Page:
It may be basic but the 300 isn't just a rehashed t-shirt. You get breathable material with various panels, two rear pockets and a front zip plus Decathlon's two-year warranty against defects. You kind of wonder what the catch is. As far as we can see there isn't one.
At just £39.99 Tribesports' short sleeve cycling jersey is certainly priced at the budget end of the marketplace. Get the miles in though and you'll find its only the cost that is entry level.
The jersey itself is made from an 88% polyester, 12% spandex mix which creates a very pliable 4-way stretch material. Tribesports have gone for an aero fit which means it's pretty-figure hugging and not for the body conscious. It feels like a mild compression top giving the muscles a bit of support.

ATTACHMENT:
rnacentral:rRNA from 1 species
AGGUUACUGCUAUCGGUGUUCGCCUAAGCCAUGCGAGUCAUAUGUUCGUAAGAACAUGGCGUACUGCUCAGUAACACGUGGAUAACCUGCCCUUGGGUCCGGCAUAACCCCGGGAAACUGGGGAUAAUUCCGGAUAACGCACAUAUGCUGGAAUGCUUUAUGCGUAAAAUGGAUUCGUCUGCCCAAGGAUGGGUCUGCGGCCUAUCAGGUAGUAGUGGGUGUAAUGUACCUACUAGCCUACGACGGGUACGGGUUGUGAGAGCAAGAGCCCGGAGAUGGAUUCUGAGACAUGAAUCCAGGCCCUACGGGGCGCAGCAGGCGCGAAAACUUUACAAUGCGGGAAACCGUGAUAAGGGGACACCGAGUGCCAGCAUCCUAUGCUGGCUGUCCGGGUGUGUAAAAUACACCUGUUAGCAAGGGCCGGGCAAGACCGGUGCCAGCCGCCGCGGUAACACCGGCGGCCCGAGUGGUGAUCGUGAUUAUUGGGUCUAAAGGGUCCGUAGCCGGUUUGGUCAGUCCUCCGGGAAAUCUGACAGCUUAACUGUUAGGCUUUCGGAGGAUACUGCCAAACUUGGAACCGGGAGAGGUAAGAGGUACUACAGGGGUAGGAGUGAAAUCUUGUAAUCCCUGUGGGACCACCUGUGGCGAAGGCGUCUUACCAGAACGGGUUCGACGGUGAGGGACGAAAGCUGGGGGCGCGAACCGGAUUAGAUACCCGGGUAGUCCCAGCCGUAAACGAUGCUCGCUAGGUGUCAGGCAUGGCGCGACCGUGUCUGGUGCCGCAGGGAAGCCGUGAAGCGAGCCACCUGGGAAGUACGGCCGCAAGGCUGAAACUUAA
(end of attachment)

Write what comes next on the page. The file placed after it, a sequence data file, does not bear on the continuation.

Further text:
dhb's Blok range is inspired by jockey racing silks and retro team geometrics, which change every year. This is probably the most understated of the range, which includes designs inspired by flags and large geometric shapes.
The fit is described as 'anatomic'. In practice, the fabric is highly elastic, and I found the cut figure skimming; stretching comfortably over the hips and chest and in at the waist. I could have happily sized up for a more relaxed fit without compromising a female silhouette.
The excellent fit is compounded by the generous length of the jersey. It sits comfortably on my hips, and combined with the added security of a silicone strip running along the hem, doesn't ride up at all. The standard three-pocket design is supplemented by a nifty hi-viz zip on the right, giving access to a smaller pocket easily big enough for keys, coins or a debit card.